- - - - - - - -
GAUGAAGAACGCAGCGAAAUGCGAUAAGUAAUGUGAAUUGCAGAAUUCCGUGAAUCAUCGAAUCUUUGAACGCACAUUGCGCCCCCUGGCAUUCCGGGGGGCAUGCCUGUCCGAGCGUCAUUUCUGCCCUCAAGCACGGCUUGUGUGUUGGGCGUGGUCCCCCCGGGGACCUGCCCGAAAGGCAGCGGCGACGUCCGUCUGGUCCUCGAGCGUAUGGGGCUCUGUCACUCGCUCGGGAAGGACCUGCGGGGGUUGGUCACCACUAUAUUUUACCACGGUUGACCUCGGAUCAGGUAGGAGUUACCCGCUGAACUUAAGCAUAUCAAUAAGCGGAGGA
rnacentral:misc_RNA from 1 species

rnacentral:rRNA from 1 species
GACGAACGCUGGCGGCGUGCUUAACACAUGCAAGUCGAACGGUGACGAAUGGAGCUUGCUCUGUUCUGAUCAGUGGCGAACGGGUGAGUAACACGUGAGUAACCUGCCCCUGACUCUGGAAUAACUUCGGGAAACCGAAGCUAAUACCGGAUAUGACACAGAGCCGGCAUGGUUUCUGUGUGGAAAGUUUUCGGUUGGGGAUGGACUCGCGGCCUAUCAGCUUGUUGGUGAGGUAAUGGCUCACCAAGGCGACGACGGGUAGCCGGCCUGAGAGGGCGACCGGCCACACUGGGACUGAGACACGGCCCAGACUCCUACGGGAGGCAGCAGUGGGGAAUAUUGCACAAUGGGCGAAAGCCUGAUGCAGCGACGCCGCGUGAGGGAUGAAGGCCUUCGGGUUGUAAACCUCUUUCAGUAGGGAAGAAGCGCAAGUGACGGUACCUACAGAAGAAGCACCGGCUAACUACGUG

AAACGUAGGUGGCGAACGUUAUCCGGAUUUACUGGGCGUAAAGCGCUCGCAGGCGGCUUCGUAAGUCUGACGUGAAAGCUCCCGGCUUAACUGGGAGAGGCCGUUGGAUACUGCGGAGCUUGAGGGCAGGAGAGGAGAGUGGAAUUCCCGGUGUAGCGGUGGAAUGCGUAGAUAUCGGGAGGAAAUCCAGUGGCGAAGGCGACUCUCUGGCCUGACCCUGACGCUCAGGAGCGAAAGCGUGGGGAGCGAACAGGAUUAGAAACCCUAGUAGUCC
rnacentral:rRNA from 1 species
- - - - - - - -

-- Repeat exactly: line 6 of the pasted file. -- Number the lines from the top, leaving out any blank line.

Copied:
rnacentral:rRNA from 1 species